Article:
TH&B 103

TH&B 103

by Brendan Oliver

For many Hamiltonians one of their best childhood memories is playing on the old train in Gage Park. For years the locomotive sat neglected and unwanted but now it’s on display in restored condition at the Westfield Heritage Village in Rockton.

In June of 1954 the Toronto, Hamilton & Buffalo (TH&B) Railway gave the City of Hamilton an old steam locomotive to be used as a museum piece. For more than a year the Parks Board debated where locomotive 103 should be placed but eventually they agreed on a spot at the south end of Gage Park just east of the Roselawn Lawn Bowling Club.

In its working days the train, which was built by the Montreal Locomotive Works in 1910, travelled between Hamilton, Welland, and Montrose hauling steel and other goods to points on the New York Central and Canadian Pacific lines. In its 44 years on the job the train had no accidents and maintained a fine safety record.

In early October 1956 the train was moved across Lawrence Road and into Gage Park using two sections of temporary track. On October 18, 1956 at a formal ceremony the locomotive was officially handed over to the City. Present at the ceremony were Mayor Lloyd D. Jackson and Fire Chief Reg Swanborough who once worked aboard the train as a stoker.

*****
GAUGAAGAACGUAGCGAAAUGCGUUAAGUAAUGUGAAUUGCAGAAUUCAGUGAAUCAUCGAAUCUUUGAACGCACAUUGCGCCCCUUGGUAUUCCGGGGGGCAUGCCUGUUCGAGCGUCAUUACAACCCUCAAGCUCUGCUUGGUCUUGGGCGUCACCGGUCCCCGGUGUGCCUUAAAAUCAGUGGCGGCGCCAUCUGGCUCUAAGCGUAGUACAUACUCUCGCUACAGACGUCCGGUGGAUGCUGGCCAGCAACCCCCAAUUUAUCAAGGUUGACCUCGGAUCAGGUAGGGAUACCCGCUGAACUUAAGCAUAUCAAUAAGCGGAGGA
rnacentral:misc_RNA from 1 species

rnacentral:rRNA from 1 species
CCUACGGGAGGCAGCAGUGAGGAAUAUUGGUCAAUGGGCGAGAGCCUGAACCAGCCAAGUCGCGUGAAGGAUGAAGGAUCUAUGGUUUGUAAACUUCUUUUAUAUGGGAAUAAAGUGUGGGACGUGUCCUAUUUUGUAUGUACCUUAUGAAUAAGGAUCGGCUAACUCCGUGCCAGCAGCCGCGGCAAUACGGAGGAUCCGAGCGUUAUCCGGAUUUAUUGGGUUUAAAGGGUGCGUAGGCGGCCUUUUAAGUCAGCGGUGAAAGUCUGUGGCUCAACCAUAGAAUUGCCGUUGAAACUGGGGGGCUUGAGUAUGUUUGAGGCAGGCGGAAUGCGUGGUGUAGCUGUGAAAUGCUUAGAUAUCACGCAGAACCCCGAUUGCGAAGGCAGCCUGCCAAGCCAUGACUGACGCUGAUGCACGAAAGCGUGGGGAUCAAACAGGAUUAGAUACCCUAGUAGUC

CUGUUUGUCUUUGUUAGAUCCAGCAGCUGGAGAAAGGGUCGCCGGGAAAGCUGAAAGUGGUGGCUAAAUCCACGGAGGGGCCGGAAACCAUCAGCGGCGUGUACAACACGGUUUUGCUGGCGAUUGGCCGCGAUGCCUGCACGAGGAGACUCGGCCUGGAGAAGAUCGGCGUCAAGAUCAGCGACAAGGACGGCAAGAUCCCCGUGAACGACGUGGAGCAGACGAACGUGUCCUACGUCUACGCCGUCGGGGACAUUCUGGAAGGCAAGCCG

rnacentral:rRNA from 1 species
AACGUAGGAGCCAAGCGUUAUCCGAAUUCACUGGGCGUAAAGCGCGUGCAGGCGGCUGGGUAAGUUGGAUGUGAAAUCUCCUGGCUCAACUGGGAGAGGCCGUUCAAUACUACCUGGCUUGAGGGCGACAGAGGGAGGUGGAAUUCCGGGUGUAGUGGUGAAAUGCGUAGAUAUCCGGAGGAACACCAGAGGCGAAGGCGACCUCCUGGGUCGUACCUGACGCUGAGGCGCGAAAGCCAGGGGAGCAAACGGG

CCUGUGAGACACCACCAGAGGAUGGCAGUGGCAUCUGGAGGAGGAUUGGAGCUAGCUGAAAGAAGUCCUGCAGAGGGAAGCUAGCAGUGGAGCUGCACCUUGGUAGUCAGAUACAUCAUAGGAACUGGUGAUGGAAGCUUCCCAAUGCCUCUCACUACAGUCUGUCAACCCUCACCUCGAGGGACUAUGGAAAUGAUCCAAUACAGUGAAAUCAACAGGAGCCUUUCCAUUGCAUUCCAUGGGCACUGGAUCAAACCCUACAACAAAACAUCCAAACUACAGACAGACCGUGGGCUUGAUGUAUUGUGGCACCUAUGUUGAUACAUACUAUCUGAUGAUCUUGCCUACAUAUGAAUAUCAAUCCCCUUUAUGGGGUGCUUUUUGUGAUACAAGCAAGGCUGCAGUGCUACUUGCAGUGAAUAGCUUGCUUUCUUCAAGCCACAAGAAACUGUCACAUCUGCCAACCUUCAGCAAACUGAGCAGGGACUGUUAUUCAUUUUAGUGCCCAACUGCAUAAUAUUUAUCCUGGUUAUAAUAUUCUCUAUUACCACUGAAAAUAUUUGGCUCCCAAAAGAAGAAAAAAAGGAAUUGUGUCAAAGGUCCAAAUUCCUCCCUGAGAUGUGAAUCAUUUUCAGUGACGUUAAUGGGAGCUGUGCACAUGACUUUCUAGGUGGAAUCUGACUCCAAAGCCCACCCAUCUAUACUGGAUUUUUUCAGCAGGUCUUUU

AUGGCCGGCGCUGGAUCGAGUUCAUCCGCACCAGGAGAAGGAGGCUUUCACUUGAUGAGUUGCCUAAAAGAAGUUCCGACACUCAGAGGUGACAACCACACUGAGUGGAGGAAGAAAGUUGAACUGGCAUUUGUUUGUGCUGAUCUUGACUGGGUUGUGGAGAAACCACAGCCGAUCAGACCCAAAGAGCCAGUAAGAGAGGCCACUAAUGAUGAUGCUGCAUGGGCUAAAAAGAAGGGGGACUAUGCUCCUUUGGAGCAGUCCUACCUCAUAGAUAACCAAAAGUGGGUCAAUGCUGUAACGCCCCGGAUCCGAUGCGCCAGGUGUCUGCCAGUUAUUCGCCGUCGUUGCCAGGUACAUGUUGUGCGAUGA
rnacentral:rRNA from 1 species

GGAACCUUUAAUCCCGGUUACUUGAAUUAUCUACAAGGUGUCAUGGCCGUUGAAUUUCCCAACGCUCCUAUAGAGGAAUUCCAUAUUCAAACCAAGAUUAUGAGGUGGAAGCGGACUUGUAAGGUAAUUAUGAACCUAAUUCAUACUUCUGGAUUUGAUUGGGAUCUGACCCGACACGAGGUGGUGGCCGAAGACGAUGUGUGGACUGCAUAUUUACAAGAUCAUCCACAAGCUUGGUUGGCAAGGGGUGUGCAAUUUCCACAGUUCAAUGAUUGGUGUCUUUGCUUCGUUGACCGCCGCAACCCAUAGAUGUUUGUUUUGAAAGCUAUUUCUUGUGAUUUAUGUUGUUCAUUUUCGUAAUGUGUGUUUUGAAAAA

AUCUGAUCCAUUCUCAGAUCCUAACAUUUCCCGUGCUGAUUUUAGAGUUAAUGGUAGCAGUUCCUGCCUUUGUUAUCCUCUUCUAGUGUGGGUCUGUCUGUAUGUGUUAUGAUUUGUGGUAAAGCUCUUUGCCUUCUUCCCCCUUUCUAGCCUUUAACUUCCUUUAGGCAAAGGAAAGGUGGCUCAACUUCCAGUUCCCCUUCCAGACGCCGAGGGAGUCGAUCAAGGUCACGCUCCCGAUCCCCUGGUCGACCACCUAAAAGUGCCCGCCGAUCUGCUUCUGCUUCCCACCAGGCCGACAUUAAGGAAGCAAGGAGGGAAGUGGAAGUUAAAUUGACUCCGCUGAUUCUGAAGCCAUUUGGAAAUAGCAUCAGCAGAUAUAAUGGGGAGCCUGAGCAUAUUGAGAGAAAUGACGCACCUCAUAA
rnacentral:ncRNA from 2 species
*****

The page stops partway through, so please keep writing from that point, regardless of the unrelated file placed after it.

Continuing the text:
At the ceremony TH&B General Manager Percy Hankinson proclaimed, “We give her to the citizens of Hamilton and to their children who have for so many years watched our trains from this very spot and to the generations of Hamiltonians yet unborn.” The train would remain in the great park for the next 20 years.

By 1976 the train that was loved by so many children was in a state of disrepair having suffered the effects of weather and vandalism. In September of the same year it was decided to transport the old iron horse to the Wentworth Pioneer Village, now known as the Westfield Heritage Village.

On January 16, 1977 the two pieces were loaded onto trailers and hauled up the Claremont access on route to its new home. The trip up the access alone took over two hours.

In May of that year a ceremony was held at the Pioneer Village to celebrate the new addition. Herb March, an 87-year-old former engineer on the 103, and Ancaster Mayor Ann Sloat each took turns driving in the ceremonial spike.

In 1987 the train was in the news again when the Wentworth Pioneer Village fell on hard times and closed. A group of railway enthusiasts suggested the train should be moved to the Museum of Steam and Technology on Woodward Avenue. Working every Sunday to prepare the train for transport, the group put more than 1500 hours into the project.

Plans to move the train came to a halt when Alderman Bill McCulloch opposed the move due to its high cost. The disheartened railway group ceased their work and one member wrote in The Spectator, “Goodbye Engine 103, may you rust in peace.”

In 1997 a group led by Charles Doubrough began restoring the 103 as a millennium project. The group found extensive damage and it wasn’t until 2005 that the project was completed. Now on display in restored condition inside the village, the train is being enjoyed by a new generation of area children.

For more information about the TH&B 103 and the 1997 restoration project, please visit

The Point is a community-driven volunteer effort supported through advertising. See the links on the left to learn more.

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